A new government report has found that the funding for Highlands College is “deeply unfair given the overall level of disadvantage amongst students” and that the College campus itself is “no longer fit for purpose".
The 'FE and Skills Actionable Agenda' highlighted that 16 to 18-year-olds at Highlands receive less 'per capita' funding than the same age group in schools, including Hautlieu.
The report was published by the Education Minister, Deputy Inna Gardiner, and overseen by the Population and Skills Ministerial Group, which was established as part of the Chief Minister's 100 Day Plan.
It found that this "deeply unfair" funding shows "the regard in which vocational education is held compared to academic provision", despite Highlands College's achievement rates being comparable to the best colleges in each of the four UK nations.
It also highlighted that funding for the full-time education of 16 to 18-year-olds at Highlands College is based on an original calculation and formula which has not been updated for at least 10 years.
The FE and Skills Actionable Agenda report found that Highlands College's commitment to providing catch-up provision to students who have not achieved benchmark standards in English and Maths, and work with students with special educational needs and those from disadvantaged backgrounds, are "not recognised".
The report concluded that there is a "need for the re-provision of the Highlands College campus", which is described as "no longer fit for purpose".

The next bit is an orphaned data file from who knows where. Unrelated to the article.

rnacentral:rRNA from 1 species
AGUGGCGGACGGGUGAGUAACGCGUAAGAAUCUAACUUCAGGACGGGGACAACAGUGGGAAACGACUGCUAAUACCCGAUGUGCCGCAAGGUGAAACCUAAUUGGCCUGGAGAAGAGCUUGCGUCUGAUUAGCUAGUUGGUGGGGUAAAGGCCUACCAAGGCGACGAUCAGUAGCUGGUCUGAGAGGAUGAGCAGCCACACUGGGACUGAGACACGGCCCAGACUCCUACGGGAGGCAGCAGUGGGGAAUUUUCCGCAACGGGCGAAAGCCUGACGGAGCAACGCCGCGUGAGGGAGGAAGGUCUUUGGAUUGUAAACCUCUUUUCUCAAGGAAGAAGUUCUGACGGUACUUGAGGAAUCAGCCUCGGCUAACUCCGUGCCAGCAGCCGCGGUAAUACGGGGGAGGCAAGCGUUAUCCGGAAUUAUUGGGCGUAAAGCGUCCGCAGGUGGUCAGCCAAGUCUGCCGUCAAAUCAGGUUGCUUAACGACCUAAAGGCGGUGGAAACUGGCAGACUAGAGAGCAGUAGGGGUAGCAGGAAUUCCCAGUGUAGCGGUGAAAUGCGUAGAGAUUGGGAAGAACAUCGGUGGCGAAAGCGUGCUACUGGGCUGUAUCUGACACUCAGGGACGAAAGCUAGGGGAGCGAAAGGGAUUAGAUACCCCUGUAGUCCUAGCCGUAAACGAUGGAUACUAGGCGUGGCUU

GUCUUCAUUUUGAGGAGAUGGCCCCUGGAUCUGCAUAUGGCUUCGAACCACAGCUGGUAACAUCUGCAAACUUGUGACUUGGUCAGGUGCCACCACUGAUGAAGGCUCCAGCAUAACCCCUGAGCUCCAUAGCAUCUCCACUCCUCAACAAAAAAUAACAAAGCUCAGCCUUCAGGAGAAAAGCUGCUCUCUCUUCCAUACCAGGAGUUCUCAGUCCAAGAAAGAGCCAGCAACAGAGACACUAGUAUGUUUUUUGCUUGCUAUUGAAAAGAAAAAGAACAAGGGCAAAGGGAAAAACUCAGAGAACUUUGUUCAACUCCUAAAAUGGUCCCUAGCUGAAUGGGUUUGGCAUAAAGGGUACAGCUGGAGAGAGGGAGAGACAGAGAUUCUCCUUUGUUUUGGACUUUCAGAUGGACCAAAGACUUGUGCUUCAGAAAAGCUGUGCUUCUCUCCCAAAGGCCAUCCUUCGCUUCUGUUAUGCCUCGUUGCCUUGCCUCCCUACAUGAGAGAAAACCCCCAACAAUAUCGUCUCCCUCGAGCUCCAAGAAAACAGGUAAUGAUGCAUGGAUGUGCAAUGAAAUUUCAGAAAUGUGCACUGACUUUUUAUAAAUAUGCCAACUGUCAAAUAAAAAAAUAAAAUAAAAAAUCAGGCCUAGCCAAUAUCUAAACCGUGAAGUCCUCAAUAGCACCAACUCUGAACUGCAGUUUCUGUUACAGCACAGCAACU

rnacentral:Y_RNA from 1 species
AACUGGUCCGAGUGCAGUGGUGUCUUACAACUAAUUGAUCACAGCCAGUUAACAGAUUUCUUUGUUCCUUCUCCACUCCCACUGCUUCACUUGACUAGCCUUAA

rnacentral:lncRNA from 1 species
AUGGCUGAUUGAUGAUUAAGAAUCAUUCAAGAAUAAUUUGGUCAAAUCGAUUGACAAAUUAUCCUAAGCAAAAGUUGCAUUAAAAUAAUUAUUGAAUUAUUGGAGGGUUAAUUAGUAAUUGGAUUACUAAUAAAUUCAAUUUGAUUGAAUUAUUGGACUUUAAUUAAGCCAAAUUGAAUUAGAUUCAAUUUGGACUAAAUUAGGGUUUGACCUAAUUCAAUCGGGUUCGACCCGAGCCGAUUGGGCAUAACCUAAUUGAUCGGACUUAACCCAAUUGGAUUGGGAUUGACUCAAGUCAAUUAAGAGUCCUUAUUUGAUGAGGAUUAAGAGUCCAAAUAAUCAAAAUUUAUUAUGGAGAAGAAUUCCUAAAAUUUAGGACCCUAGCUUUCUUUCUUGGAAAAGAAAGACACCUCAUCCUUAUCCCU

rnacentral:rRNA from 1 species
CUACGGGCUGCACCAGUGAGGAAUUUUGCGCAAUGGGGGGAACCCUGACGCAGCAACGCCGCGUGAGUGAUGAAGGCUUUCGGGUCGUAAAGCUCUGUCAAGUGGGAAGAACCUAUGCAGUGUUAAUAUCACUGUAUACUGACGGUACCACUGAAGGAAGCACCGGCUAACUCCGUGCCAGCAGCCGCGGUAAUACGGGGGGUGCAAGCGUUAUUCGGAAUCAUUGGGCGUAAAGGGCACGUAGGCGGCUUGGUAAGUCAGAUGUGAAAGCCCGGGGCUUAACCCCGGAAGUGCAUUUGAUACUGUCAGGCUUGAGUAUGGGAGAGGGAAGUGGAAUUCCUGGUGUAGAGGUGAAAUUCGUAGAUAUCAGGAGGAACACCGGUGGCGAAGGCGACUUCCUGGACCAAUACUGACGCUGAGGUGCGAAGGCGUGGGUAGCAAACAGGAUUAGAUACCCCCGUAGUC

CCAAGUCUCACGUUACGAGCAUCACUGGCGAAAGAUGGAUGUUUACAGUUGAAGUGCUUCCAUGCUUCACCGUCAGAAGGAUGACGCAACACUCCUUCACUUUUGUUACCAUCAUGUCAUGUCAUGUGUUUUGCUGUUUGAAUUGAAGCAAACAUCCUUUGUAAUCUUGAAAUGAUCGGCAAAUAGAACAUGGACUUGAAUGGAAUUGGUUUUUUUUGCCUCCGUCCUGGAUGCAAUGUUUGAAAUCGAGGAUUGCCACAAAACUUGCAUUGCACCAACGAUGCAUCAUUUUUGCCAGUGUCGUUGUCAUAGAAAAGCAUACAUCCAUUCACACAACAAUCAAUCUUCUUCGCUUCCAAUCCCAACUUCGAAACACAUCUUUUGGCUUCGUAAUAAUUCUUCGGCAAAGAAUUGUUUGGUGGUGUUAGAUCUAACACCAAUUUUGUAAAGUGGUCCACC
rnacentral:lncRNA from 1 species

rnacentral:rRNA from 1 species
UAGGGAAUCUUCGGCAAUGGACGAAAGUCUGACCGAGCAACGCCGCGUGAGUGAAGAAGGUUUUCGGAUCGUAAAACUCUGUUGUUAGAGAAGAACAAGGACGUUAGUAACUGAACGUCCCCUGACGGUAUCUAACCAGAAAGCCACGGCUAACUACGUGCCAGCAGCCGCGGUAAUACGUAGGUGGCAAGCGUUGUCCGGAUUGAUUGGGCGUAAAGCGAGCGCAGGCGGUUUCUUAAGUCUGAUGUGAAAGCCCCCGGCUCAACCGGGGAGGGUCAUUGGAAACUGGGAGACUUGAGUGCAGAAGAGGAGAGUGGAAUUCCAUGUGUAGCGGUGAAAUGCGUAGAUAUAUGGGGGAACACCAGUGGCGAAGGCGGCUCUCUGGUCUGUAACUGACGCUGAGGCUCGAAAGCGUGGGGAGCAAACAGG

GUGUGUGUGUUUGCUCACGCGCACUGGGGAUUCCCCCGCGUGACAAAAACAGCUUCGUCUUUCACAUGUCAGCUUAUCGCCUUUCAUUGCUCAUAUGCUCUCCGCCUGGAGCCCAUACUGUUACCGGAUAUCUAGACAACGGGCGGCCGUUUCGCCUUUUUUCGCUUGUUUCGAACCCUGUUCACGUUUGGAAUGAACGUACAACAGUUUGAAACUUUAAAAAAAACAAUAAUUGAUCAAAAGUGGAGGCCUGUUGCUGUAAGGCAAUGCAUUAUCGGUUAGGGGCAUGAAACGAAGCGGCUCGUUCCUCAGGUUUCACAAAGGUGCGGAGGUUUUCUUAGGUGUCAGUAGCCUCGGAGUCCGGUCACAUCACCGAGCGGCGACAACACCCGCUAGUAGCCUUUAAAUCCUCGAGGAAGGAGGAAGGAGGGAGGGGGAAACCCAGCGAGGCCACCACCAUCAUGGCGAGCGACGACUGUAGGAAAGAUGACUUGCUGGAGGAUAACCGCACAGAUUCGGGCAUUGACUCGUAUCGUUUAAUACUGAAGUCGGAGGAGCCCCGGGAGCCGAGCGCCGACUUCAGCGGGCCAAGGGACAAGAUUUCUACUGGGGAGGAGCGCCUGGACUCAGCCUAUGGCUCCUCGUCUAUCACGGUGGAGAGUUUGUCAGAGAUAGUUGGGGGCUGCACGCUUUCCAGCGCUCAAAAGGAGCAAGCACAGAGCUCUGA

It suggested that the campus could provide a "shop window" to employers which would demonstrate "the seriousness with which the Government of Jersey takes the development of a robust and productive workforce".
The report also said that an updated Highlands College campus could "provide the opportunity to attract overseas students in a sustainable way, making use of Jersey's attractions as a safe and pleasant study destination".
It's also suggested that the accommodation needs of such overseas students could be "coordinated with residential accommodation for the new hospital at Overdale".
The FE and Skills Actionable Agenda report proposed a number of other ways to provide funding and support to allow islanders to develop skills throughout their working life, including establishing a Skills Fund to enable a systematic approach to skilling, re-skilling and up-skilling Jersey's workforce.
Other key action points include an increase in the age for education entitlement from 16 to 18 and up to the age of 25 for young people with special educational needs, and the allocation of separate funds for adult numeracy and literacy, including for people who speak English as a second language.
Pictured: Deputy Inna Gardiner, Minister for Children and Education.
Deputy Gardiner said: "The island needs people who have the skills we need to keep the economy healthy. This isn't just about providing an option for technical and professional education as an alternative to A Levels or IB.
"We must make sure that Islanders can keep learning after the age of 18; that they can build on what they know, develop new skills, or change careers.
"There is already some great work being done in specific areas around digital skills, and through apprenticeship. These actions will build on this good work, and ensure that we have the funding and the structures in place to develop the skills we need for our future."
The full report can be read here.
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